Many individuals affected by disabilities who live in California may be allowed to save more than $2,000 without losing eligibility for Medicaid, Supplemental Security Income (SSI), and other public benefits. If legislated in California, the federal Achieving a Better Life Experience (ABLE) Act, enacted in December 2014, will allow individuals whose disabilities occurred before age 26 to open one tax-exempt ABLE savings account to spend on qualified disability expenses.
According to a media release from the California State Independent Living Council, the ABLE Act supports the independence of people with disabilities in pursuing an education, buying a car or house, paying for assistive technology and personal support, setting aside funds for unexpected healthcare expenses, and more.
“We’ve worked on the ABLE Act for a very long time,” said World Institute on Disability’s Deputy Director Thomas Foley. “Providing people with disabilities the chance to work and save money for the future without restrictive asset limits is huge.”
Many individuals with disabilities and their families rely on state and federal benefits to cover living expenses. Without the ABLE Act, they are limited to no more than $2,000 ($3,000 for a couple) in assets, such as cash savings, investment accounts, and other personal assets, before government support programs are reduced or suspended. That asset limit is too constraining for people with disabilities who face unexpected medical expenses, transportation fees, and daily living expenses, and hinders their ability to live independently.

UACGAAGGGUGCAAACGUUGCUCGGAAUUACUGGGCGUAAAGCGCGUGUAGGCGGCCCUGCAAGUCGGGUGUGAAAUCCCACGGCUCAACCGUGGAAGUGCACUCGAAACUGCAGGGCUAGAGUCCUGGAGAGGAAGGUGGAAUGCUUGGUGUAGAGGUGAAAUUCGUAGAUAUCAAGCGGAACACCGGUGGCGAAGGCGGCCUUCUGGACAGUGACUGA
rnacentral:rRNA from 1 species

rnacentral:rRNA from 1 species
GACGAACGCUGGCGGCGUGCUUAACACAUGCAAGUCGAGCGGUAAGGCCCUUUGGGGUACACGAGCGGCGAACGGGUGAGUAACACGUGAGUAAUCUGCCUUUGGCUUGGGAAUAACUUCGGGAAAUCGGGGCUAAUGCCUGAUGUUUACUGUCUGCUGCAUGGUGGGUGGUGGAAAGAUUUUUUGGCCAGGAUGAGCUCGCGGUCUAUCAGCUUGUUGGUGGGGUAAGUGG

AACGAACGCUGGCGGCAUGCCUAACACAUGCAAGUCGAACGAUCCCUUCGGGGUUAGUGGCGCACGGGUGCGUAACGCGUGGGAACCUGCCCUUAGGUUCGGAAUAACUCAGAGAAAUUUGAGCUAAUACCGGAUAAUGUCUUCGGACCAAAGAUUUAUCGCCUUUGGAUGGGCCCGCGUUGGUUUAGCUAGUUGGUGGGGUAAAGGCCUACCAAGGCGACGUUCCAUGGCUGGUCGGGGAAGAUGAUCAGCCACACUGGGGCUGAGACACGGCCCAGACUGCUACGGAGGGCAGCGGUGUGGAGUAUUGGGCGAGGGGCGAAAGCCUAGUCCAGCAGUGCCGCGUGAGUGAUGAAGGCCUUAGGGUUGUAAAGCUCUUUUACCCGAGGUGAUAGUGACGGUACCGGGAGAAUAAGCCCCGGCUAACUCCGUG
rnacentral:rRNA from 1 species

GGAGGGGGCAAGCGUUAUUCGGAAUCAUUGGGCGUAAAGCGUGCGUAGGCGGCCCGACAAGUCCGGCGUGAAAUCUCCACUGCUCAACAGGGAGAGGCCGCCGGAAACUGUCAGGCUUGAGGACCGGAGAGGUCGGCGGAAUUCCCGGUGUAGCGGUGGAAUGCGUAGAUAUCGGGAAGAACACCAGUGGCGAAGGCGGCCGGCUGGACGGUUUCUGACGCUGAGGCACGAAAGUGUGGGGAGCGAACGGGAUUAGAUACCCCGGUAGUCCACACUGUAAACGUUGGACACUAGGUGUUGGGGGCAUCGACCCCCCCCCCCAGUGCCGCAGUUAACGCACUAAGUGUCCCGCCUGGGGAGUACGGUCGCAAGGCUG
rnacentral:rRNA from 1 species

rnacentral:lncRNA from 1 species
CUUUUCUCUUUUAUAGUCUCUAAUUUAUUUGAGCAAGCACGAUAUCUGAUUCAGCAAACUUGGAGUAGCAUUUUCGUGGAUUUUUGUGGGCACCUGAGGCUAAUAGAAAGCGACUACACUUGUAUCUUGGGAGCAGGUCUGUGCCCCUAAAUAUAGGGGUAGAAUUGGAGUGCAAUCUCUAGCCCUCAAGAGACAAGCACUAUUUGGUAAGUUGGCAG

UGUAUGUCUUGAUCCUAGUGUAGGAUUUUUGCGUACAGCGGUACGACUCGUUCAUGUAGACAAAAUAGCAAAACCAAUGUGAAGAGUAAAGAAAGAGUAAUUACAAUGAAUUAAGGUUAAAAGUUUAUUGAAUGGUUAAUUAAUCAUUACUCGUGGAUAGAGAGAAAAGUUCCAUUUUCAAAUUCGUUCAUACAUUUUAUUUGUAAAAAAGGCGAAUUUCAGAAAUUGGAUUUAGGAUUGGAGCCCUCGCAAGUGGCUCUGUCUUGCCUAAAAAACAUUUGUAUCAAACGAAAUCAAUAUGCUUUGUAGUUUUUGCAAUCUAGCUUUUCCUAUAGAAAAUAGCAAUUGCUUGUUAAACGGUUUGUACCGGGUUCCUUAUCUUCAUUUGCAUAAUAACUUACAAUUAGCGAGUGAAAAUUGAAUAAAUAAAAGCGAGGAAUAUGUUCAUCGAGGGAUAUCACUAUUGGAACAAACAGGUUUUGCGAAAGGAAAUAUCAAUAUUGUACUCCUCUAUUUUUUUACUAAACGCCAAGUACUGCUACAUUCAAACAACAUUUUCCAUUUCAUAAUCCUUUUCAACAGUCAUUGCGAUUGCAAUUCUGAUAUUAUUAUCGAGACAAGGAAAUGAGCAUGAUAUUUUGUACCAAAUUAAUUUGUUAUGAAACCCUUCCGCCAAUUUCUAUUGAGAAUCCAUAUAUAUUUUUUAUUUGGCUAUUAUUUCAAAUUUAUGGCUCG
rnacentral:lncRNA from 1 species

Representative Ander Crenshaw, who reportedly championed the ABLE Act, was quoted in The Boston Globe article, “You can save money to go to college or to retire, but [people with disabilities] couldn’t save money to use for disability expenditures…. It was forced impoverishment.”
Enactment of the ABLE Act in California is moving forward in Assembly Bill 449, introduced by Assemblymember Jacqui Irwin, and Senate Bill 324, introduced by Senator Fran Pavley. The Act is under consideration in 29 states and recently was passed in Virginia.
Modeled after 529 college savings plans, interest earned on ABLE accounts is tax free. Qualified individuals, their family members, and friends can deposit $14,000 (the annual gift-tax exemption) annually in ABLE accounts up to $100,000 without risking SSI eligibility. Each state can establish a higher annual limit corresponding to their 529 account limits. Balances up to $300,000 will not affect Medicaid coverage eligibility.
“Educating the public about the importance of passing the ABLE Act in California will be a top priority for California’s Independent Living Centers,” noted Liz Pazdral, executive director, California State Independent Living Council. “Without these accounts, many people with disabilities have limited avenues for true independence. Through resources, such as the ‘Understanding ABLE‘ free webinar on March 26 and information on Youth Organizing! Disabled and Proud’s website, the public can learn about the ABLE Act. And we need to share real-life stories with our policymakers on how the Act will improve the lives of Californians with disabilities.”